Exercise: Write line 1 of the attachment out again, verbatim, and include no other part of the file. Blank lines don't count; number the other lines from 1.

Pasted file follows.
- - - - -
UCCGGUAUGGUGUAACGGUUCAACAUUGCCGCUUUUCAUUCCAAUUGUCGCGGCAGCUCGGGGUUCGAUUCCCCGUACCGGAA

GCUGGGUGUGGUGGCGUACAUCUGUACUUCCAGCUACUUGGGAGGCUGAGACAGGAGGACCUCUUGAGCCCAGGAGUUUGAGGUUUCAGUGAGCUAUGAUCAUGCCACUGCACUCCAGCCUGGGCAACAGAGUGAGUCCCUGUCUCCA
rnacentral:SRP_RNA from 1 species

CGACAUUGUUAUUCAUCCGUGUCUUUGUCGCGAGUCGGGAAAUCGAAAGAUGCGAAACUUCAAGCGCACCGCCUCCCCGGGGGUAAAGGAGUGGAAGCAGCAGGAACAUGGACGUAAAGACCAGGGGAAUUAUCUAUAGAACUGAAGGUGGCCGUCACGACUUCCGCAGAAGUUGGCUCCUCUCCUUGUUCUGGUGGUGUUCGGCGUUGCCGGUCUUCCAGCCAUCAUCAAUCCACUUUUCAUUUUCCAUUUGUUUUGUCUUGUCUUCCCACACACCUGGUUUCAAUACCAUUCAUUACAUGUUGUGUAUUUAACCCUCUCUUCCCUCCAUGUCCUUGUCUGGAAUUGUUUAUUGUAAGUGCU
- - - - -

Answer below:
UCCGGUAUGGUGUAACGGUUCAACAUUGCCGCUUUUCAUUCCAAUUGUCGCGGCAGCUCGGGGUUCGAUUCCCCGUACCGGAA